Last week, the British government’s new “Year of Code” initiative got off to a rocky start. Critics raised questions over the feasibility of the new national curriculum, and the program’s director admitted she didn’t know how to code.
The debacle took front and center in a recent PandoDaily article titled, “By September coding will be mandatory in British schools. What the hell, America?” It raised the question as to whether American schools are falling behind in the new digital arms race and what should our schools do about it.
A national mandate on coding is nice in theory. But simply adding coding to the curriculum will not create coders.
Schools teach more than facts and hard skills. They are wired to teach in a certain way, and this wires students to behave, think and learn in a particular way as well. One could say the traditional school structure resembles an “operating system.”
In America, this OS is incompatible with the habits of thought that make good programmers. And if we want to honestly teach students how to code, we must first teach them to think like a programmer. It won’t work by having our education institutions simply download a “learn to code app”.
Here are some of the lessons I’ve learned from my experience starting a school, Dev Bootcamp, that has taught over 450 students how to code.
Many students come to our program scarred from their past educational experiences in the old operating system. They are afraid to make mistakes, judgmental about wrong answers and uncomfortable with the confusion that plagues the life of a programmer.
In the new operating system, we must encourage students to make mistakes, as these mistakes are the only way to learn.
Sadly, the students with the most rigorous academic backgrounds are the most damaged. The more ambitious the student, the more they are reshaped by the operating system of the schools they inhabit.
Programmers actually follow a pattern called “red, green, refactor” which means you start with incomplete software (red), make the software work (green), and then refactor the code into something simple and elegant. Veteran programmers actually start the development process by writing a test that fails with the current code base.
Intentionally failing these tests flies in the face of traditional education where “tests” are considered be-all, end-all measures of people and “failing” means the student is less than worthy.
In the old operating system, copying someone else’s work is considered cheating. As a web developer, everyday you are modifying other people’s code, looking up answers to questions and building on open-source software which thousands of other people have already laid the foundation.
Most people think life as a coder involves long hours of working on your own. And while this environment exists, the new era of programming is a team sport. Whether you’re working in pairs, or sprint planning with your team, there is always someone to turn to to help get you unstuck or help show you a better way.
At Dev Bootcamp, we had an incoming student frustrated by her slow progress learning to code at home. We found out she would work at a problem for six hours, alone, before giving up. We had to train her in how to reach out and engage with resources around her.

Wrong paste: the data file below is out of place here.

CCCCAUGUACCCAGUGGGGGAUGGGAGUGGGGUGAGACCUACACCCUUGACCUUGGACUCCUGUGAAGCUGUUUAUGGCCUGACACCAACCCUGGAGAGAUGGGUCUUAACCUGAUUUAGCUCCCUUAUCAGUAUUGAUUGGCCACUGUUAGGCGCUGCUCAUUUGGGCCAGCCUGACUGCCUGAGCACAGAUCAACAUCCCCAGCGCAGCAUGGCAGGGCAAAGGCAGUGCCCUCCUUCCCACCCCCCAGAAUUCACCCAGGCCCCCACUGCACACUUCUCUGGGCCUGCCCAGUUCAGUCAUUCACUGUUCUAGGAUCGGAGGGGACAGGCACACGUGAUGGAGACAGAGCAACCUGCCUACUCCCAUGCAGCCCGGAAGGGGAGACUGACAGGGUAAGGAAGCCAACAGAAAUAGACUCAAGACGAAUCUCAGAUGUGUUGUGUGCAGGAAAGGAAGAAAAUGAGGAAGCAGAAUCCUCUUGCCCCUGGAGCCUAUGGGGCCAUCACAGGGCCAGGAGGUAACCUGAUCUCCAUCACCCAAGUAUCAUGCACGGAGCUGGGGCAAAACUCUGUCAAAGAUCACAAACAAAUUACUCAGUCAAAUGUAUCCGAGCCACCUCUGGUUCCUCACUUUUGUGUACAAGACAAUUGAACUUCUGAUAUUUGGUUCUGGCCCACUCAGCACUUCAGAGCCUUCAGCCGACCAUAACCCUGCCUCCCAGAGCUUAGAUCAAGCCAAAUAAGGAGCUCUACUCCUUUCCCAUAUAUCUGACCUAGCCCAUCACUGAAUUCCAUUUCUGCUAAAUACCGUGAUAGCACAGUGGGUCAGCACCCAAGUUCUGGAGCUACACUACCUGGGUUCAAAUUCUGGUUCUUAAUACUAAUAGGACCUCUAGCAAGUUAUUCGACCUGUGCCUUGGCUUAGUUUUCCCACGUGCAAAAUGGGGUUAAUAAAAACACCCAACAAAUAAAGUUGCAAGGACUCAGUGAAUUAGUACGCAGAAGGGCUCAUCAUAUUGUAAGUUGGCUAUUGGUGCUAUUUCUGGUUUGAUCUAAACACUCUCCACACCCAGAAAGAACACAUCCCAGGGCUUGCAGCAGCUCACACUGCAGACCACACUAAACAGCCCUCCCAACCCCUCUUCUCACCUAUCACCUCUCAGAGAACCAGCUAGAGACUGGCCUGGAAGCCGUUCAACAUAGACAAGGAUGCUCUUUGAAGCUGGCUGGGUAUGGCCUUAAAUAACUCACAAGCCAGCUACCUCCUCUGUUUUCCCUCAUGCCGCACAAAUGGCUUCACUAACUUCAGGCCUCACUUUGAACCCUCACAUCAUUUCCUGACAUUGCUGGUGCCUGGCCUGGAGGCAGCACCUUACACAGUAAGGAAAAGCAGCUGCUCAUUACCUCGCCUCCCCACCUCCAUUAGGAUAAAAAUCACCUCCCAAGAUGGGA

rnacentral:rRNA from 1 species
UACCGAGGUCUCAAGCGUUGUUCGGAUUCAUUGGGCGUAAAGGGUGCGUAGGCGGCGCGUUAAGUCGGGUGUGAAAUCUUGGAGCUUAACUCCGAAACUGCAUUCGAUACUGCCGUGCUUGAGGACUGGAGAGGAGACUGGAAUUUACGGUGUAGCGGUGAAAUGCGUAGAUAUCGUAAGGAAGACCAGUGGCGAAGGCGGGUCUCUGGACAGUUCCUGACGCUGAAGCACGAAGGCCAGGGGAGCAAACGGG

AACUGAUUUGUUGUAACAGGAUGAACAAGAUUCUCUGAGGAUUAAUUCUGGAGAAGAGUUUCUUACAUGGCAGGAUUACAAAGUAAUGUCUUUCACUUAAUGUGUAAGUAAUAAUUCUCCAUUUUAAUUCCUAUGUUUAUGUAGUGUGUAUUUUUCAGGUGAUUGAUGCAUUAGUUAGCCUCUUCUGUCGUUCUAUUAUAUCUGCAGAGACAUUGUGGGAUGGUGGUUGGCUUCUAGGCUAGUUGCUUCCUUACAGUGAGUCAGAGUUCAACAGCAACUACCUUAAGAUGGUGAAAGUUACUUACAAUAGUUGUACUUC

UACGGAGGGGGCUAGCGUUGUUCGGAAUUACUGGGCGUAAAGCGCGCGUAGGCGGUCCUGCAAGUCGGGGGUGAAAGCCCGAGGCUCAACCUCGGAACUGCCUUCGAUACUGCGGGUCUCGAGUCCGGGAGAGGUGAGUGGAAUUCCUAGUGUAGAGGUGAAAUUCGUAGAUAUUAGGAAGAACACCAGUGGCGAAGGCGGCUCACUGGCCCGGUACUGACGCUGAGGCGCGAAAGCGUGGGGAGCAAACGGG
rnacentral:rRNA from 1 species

After a teacher provided her a set of guidelines on how to get unstuck, she responded with an email saying: “Rewiring my brain. Getting help is not cheating. Getting help is not cheating.”
In the old operating system a teacher is the source of knowledge on a given topic. In the new operating system the teacher is an experienced practitioner who guides students towards finding the answer.
At Dev Bootcamp, it’s common for students and teams to learn faster than we can teach them. Students have built working products on technologies that our staff have never used. Since we don’t tie them to use existing products, they frequently dive into emerging technologies with names like WebRTC or Snap.svg that can’t be deployed on the browsers in widespread use. Yet.
In some cases, our students are using software libraries that are days old, communicating with the authors directly. Most of the frameworks we use are less than five years old. Few will still be taught five years from now, and none will be the same a few months from now.
Instead of being embarrassed of their ignorance, teachers must create a culture of lifelong learning by example. In software engineering, constant adaptation is the norm. Our teachers are not done learning to code. They never will be.
We require students to take ownership of their own learning. At Dev Bootcamp, we have the “two feet” rule: Anytime you’re not learning something or building something, feel free to leave in order to move your learning forward.
This might be unfeasible to literally implement this in schools (we should not just let bored students pack up and leave). But when you create a new type of learning culture that encourages students to stay as long as they want--and after the bell rings--this passion and internal drive for learning stays with them well after they leave the program.
In the end a government mandated curriculum may expose more children to coding, but the school’s curriculum is not as important as a school’s culture.
Yes we need to expose students how to code, but more importantly we need to expose them to a new way to learn.